Atlus has also tried different approaches to storytelling. For the most part, the Shin Megami Tensei games tell a subtle, hands-off tale, letting your ideological decisions speak for themselves. Your choices to side with Lucifer over YHWH eventually change the world, leading to a unique sense of environmental storytelling. Some games, like the Shin Megami Tensei: Digital Devil Saga duology for the PlayStation 2, change up the formula. These two games follow a more structured story, with traditional drama and character arcs rarely seen in other titles. The Digital Devil Saga duology feels more like its contemporary Final Fantasy competitors while still maintaining the distinct, classic Shin Megami Tensei staples.
For anyone who’s heard of Shin Megami Tensei, you probably know these games are hard. This hardcore label has made the games less accessible, at least internationally. The turn-based combat is difficult because even the regular enemies hit for a ton of damage. They’re relentless, sometimes throwing out random, instant-death mechanics. When you die, you’re forced back to your last save point, where you then have to repeat that same dangerous trek all over again.
However, once you beat one Shin Megami Tensei game, it’s easier to get the hang of the rest. Because the enemies hit hard and often, the trick is to debilitate them and increase your stats. The enemies also have certain elemental weaknesses for you to exploit. Improving your party’s offense, weakening the enemy’s defense and hitting those elemental weaknesses are standard tricks for veteran Shin Megami Tensei players. Lower your foes’ defense with special moves, and then hit them back twice as hard. When an enemy keeps evading your attacks, boost your accuracy, and weaken their evasion. That’ll solve the problem almost every time. Exploiting elemental weaknesses on an already-weakened enemy becomes even more rewarding. Seeing those powerful attacks go off from your party of demons is incredibly satisfying. You’ll feel downright invincible pulling this off against the stronger mega bosses.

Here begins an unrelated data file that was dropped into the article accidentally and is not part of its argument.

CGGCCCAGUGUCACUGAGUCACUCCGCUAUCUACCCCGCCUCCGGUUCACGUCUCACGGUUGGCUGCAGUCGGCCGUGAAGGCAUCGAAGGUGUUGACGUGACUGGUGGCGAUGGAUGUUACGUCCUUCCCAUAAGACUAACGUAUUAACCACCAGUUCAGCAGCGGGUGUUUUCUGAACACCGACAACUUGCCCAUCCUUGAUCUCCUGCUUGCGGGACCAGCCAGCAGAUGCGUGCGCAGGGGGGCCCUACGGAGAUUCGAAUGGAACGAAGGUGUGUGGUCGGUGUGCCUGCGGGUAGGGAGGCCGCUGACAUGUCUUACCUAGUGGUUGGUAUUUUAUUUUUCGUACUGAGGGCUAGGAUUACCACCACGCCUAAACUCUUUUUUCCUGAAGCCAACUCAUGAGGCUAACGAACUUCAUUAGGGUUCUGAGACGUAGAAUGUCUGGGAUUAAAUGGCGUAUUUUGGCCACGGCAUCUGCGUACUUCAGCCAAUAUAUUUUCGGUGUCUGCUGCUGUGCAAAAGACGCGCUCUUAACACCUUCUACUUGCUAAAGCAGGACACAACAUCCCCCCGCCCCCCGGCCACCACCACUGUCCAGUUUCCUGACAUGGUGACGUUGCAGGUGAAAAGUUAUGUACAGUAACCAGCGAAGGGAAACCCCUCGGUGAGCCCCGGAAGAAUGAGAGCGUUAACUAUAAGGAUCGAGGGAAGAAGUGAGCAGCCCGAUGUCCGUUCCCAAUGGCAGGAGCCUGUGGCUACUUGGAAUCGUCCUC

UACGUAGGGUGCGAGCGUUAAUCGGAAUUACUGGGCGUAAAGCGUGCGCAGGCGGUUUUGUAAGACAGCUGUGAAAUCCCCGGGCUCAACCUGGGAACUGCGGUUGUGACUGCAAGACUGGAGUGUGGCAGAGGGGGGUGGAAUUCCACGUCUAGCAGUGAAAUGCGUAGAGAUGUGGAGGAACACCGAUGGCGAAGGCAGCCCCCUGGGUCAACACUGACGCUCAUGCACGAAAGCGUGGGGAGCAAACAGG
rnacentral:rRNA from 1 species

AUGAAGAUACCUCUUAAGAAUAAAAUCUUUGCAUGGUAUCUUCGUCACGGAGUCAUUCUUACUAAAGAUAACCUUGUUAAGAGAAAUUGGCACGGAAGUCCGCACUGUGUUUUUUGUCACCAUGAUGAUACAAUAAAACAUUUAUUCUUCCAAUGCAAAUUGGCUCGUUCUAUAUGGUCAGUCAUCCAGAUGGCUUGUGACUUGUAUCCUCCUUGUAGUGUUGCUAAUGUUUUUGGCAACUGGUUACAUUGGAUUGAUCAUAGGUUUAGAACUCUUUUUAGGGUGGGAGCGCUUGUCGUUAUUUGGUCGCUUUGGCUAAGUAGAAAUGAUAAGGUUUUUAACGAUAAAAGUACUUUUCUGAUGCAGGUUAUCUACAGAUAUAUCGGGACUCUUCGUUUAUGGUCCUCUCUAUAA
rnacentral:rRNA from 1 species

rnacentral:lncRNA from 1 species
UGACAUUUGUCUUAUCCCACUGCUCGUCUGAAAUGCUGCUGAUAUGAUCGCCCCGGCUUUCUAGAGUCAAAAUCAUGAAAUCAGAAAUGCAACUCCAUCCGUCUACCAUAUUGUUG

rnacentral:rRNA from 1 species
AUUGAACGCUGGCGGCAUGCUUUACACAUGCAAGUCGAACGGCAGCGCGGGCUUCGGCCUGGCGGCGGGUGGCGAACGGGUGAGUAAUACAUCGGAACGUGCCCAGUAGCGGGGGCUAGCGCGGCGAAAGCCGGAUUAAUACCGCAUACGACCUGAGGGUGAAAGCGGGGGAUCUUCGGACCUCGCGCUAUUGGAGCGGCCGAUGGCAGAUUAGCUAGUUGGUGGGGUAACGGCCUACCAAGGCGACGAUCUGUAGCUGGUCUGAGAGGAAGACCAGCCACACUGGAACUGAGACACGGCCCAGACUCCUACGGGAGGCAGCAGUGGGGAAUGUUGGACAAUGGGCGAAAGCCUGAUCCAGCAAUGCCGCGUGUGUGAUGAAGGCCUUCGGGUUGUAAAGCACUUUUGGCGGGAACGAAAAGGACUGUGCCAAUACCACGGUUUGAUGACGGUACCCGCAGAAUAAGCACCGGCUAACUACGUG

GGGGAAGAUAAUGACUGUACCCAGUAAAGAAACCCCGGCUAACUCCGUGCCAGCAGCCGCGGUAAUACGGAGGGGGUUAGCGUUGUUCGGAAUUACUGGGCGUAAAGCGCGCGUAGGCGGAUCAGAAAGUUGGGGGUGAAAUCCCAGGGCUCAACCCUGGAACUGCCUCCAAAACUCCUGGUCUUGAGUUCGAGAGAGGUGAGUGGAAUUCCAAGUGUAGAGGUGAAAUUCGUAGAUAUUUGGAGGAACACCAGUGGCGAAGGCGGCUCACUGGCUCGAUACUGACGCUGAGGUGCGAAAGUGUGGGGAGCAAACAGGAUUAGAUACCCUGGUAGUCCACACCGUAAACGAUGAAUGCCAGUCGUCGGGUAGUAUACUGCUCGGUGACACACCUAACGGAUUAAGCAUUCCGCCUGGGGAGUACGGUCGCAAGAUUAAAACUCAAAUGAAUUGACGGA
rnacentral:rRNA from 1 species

Recent releases seek to change Shin Megami Tensei’s hardcore reputation. The games have usually had some sort of difficulty options, but these choices stuck to the baseline normal difficulties—which are quite hard for a general audience—and still more challenging modes. But Shin Megami Tensei IV: Apocalypse, released in 2016, features easier modes in addition to the normal and hard modes. Shin Megami Tensei III: Nocturne HD Remaster also has an easy mode, available as downloadable content. This change is likely to continue as Atlus releases more titles, such as the upcoming Shin Megami Tensei V, slated for worldwide release in 2021.
Staying True to Its Core Identity
The Shin Megami Tensei franchise is defined by its mature themes, strong sense of atmosphere, demon collecting and tough gameplay. Difficulty options are great for lowering the barrier of entry, but anything further than this, such as lessening and lightening the more adult story themes, would be less than ideal. Shin Megami Tensei IV: Apocalypse faced backlash from fans due to certain jarring, light-hearted portions of the story, among other issues. These changes felt at odds with the series’ more grounded tone and atmosphere. It’s unclear whether this shift in direction will show up in future games.
Shin Megami Tensei is special precisely because it is unique, unyielding in its occult influences and controversial subject matter. Even as the Shin Megami Tensei games strive to become more accessible, their core identities will hopefully remain intact for many years to come.